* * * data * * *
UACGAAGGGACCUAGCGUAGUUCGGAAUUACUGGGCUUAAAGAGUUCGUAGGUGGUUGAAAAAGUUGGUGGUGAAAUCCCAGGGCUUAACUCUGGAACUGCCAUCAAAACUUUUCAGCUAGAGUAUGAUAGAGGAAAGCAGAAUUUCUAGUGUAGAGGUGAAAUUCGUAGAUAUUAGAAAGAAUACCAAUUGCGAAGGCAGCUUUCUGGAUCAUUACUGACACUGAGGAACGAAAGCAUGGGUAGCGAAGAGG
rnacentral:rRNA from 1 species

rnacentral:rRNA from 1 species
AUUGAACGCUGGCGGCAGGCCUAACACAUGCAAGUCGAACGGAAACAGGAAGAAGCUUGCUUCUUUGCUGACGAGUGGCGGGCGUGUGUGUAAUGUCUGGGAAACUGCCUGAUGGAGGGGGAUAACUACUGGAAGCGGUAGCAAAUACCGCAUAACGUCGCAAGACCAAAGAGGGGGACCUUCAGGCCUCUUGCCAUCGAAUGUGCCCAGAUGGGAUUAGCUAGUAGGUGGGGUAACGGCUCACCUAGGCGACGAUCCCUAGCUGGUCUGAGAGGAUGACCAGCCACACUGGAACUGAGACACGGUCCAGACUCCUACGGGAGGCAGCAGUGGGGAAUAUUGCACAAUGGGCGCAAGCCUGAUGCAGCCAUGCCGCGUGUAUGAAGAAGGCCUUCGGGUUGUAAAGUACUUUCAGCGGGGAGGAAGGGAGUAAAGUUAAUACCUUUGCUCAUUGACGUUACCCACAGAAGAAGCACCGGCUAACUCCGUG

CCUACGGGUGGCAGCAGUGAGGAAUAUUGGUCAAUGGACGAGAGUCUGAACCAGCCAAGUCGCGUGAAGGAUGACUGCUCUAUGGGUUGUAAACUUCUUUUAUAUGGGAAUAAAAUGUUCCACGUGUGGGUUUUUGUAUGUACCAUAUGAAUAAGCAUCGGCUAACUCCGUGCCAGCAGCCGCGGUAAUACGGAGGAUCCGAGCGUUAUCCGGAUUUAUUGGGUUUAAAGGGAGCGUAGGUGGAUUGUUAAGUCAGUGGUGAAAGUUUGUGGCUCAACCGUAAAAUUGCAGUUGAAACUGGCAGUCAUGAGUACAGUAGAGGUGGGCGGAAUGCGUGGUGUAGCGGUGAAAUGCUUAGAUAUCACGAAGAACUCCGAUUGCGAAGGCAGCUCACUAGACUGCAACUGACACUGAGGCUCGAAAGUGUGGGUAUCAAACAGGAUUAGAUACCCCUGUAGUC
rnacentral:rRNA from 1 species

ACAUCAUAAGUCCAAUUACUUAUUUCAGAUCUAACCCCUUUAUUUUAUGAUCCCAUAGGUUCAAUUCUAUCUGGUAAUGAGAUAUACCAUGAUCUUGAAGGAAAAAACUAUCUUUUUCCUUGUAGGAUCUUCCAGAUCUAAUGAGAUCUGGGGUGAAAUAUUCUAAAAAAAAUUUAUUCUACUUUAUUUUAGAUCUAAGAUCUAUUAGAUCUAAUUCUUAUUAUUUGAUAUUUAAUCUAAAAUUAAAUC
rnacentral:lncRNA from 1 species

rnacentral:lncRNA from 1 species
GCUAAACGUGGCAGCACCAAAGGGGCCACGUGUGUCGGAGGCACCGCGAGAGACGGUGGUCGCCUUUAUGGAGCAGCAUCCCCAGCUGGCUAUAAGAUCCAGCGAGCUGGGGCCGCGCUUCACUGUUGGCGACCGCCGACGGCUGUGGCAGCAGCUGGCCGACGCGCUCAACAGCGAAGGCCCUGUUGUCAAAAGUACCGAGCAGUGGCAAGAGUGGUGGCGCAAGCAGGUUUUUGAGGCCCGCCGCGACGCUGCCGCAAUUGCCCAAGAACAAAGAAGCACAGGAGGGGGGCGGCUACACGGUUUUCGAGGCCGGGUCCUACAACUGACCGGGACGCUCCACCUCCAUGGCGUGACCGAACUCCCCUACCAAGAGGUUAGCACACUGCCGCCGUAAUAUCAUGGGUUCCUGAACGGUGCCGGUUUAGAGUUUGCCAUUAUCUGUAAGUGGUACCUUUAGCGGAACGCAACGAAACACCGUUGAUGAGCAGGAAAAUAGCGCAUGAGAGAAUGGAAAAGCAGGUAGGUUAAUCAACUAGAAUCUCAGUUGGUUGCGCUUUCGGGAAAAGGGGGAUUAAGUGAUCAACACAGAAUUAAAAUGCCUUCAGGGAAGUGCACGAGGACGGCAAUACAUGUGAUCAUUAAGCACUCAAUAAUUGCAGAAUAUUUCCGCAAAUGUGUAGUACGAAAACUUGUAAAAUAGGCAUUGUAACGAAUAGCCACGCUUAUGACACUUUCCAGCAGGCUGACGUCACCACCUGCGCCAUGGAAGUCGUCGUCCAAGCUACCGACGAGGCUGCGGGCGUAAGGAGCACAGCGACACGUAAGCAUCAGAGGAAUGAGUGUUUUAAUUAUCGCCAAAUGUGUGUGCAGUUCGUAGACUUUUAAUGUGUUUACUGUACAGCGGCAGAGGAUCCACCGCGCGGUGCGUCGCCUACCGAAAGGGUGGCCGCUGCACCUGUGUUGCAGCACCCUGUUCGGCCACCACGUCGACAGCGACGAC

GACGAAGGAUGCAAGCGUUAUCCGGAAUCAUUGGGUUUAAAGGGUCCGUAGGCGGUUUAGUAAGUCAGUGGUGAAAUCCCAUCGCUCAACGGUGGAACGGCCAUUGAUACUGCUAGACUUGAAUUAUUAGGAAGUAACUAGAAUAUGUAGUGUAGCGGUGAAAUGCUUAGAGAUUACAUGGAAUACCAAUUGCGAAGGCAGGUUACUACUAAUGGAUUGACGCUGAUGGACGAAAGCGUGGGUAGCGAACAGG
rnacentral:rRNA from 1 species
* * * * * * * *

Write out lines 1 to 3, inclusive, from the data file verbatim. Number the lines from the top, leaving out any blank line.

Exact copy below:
UACGAAGGGACCUAGCGUAGUUCGGAAUUACUGGGCUUAAAGAGUUCGUAGGUGGUUGAAAAAGUUGGUGGUGAAAUCCCAGGGCUUAACUCUGGAACUGCCAUCAAAACUUUUCAGCUAGAGUAUGAUAGAGGAAAGCAGAAUUUCUAGUGUAGAGGUGAAAUUCGUAGAUAUUAGAAAGAAUACCAAUUGCGAAGGCAGCUUUCUGGAUCAUUACUGACACUGAGGAACGAAAGCAUGGGUAGCGAAGAGG
rnacentral:rRNA from 1 species

rnacentral:rRNA from 1 species